Your website shows that you have a keen interest in Wolfdogs – Can you tell us a little more about that?

“After owning a Northern Inuit, I began to work with breeders of wolf lookalike dogs, on puppy rearing programmes. After some time, it was clear that the gene pool for the Northern Inuit was small, and problems were emerging. As a result, my associates moved away from the Northern Inuit and into the Wolfdog realm, which gave me ample opportunity to learn more. I have worked closely with some Wolfdog breeders and ran regular training days for new puppy owners, providing behaviour and training support. Spending time with these animals has been an amazing experience and a privilege.”


Wolfdog puppies – Who could resist?

What services do you offer as a canine behaviourist?

“I offer one-to-one behaviour sessions, along with puppy and teenage packages and home schooling for dogs.”

Can you explain what home schooling involves?

“It’s a simple concept really. Once I have established with the client how I work, we then arrange for me to go to their home while they are at work, as often as they like, and I train their dog for them. I feed back to them via videos and spreadsheets so that they can follow up the work I do when they are at home. It works especially well for puppies as I work with them and their owners right the way through the puppy and teenage stage, guiding and advising as we go. Because I have a close relationship with the dogs, I know where they’re at, so it makes for a good partnership.”

How did you come across the concept of Free Will Teaching?

“Kathie Gregory (the founder of Free Will Teaching) and I both trained with COAPE and have known each other a long time. I knew about the work that she was doing and it appealed to me.”

How do you incorporate Free Will Teaching into your work?

“I don’t incorporate Free Will Teaching into my work, it is my work. FWT is a concept, a way of life which works independently of traditional training ideas because it’s effectively Cognitive Behaviour Therapy, i.e. working on the mind. I no longer use traditional training methods. For instance, my terrier who has been raised on FWT does not know the commands “down”, “stay”, “wait” or “leave it”, because I don’t need a specific movement. I just need her to manage herself according to the situation. If we look at the traditional “wait” as an example, I have not taught her this because I have given her other options to choose from. If she goes ahead on a walk and I’m not sure about it, I’ll say “no further” and she’ll stop there and potter about until I’ve caught up. If I move around the house, she’ll come with me or she won’t. It’s always her choice. If there’s food around which isn’t her’s, I say, “It’s not your’s, it’s mine”. If there’s a gate ahead I’ll ask her if she wants to go to the gate and meet me there – she might go on ahead or she might choose to walk with me.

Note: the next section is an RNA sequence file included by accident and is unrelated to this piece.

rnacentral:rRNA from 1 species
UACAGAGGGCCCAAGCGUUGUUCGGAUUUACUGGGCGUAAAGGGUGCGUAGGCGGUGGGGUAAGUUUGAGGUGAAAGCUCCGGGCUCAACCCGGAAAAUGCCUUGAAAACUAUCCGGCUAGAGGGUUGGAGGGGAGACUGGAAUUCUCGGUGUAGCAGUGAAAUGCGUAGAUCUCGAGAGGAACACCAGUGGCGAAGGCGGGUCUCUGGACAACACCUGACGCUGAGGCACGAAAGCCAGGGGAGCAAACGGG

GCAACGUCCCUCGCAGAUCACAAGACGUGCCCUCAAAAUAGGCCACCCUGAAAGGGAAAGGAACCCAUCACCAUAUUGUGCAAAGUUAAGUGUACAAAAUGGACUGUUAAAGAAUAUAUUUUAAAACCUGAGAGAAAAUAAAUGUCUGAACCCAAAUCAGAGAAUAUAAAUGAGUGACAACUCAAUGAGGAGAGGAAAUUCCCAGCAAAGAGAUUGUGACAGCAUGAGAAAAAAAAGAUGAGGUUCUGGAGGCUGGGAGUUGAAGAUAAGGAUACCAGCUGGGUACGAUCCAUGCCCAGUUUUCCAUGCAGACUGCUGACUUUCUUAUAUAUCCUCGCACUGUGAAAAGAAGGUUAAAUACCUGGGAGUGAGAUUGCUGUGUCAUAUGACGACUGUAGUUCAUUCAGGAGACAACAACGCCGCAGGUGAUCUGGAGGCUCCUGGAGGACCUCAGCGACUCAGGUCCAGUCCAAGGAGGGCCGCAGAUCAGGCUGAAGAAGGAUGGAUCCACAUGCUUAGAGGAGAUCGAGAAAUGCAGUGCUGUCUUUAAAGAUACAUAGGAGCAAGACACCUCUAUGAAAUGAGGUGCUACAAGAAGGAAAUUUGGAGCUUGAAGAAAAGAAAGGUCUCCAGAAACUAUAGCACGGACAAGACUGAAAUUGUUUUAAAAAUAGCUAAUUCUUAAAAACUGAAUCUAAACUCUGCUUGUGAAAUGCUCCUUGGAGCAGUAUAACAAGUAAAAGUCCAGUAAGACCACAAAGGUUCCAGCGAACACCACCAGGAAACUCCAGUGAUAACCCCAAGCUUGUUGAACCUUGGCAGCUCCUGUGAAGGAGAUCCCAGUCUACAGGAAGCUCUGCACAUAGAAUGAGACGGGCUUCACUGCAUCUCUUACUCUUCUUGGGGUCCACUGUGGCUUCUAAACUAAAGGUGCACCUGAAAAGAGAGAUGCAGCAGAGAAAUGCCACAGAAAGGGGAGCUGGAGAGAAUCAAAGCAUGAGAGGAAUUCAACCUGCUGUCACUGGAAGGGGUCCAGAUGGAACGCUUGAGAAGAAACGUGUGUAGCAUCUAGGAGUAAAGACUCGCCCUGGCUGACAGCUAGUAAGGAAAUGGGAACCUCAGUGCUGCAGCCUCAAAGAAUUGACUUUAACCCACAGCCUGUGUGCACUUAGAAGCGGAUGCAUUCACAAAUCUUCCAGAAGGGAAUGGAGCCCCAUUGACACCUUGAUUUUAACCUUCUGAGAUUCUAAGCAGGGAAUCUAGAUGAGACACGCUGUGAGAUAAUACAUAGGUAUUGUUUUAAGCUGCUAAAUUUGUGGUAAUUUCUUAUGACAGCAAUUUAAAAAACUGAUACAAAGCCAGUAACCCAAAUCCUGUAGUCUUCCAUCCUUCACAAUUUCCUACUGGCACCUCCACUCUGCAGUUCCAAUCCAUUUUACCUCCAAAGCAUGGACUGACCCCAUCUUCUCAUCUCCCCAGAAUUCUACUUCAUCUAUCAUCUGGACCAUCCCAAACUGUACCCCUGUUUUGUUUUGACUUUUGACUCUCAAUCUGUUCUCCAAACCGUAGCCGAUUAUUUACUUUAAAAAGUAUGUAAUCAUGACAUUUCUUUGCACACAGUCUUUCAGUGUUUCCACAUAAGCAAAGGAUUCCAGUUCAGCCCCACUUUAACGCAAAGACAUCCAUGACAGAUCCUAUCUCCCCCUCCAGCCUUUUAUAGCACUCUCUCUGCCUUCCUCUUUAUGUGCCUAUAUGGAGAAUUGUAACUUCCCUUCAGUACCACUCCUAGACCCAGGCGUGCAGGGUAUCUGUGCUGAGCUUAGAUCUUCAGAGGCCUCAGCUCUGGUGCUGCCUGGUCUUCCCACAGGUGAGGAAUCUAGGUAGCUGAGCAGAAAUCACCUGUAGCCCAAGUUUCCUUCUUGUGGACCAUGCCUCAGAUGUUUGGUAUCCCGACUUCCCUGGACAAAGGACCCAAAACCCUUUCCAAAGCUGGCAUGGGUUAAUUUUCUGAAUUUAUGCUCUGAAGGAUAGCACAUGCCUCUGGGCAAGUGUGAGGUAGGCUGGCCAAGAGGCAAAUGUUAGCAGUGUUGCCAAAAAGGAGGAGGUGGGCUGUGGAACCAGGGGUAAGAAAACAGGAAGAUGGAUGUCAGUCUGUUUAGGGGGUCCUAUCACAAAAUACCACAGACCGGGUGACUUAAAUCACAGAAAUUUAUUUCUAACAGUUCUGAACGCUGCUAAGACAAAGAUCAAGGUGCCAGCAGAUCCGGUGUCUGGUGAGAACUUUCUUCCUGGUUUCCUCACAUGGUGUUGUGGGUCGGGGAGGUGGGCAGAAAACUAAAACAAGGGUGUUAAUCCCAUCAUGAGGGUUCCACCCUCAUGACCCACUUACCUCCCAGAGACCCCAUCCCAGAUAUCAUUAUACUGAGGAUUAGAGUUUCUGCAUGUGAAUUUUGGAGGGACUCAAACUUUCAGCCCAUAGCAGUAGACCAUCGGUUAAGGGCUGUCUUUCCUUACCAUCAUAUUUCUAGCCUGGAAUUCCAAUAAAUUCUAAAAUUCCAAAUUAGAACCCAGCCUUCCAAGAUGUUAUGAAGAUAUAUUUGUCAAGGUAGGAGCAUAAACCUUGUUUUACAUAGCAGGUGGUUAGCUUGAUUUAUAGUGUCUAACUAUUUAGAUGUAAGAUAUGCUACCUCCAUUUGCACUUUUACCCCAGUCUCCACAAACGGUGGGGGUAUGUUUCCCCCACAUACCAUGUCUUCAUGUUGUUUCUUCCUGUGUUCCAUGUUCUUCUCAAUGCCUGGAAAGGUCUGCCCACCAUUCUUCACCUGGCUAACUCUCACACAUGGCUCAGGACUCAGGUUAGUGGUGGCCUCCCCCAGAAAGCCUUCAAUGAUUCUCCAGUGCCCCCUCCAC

She has learnt to manage her impulses, desires and frustrations by herself as I talk her through things. Nothing gets suppressed, and this is the essence of Free Will Teaching. I listen to and read what she is saying and work with it. If I ask her to “leave it” when she spots a squirrel, as many of us have been taught to do, I am not achieving anything. The desire to chase is still there, it’s not going away – she’s telling me she really needs to chase the squirrel because she is programmed to do so, and if I stop her, all I am doing is suppressing the natural instinct. Instead, I give her safe opportunities to engage in such behaviour, all the while teaching her to restrain and manage that instinct. Now when she does see a squirrel she doesn’t zone out, which means I can make suggestions to her and she listens. As she has learnt to restrain herself it’s not a big deal for her when I can’t give her the freedom to do this.


“Psst… I know where the squirrel’s hiding!”

I recently worked with a client who had a rescue dog with dog-to-dog behavioural issues. We taught the dog that when she sees another dog, she has choices; she can cross the road, sniff, sit or stand, watch, or turn around. All choices were given language to accompany them. She now actively chooses and tells her owner if she wants to cross the road to avoid the other dog. This is what FWT is about; it’s reading and listening to what your dog is telling you he/she needs to do, and going with it, providing you have taught the dog to manage emotions and desires. A young Malamute I work with has been taught to calm himself when his arousal levels escalate. We attached the word “calm” to this emotional state and taught him how to bring himself down. My dog Koda has learned all this too, later in life.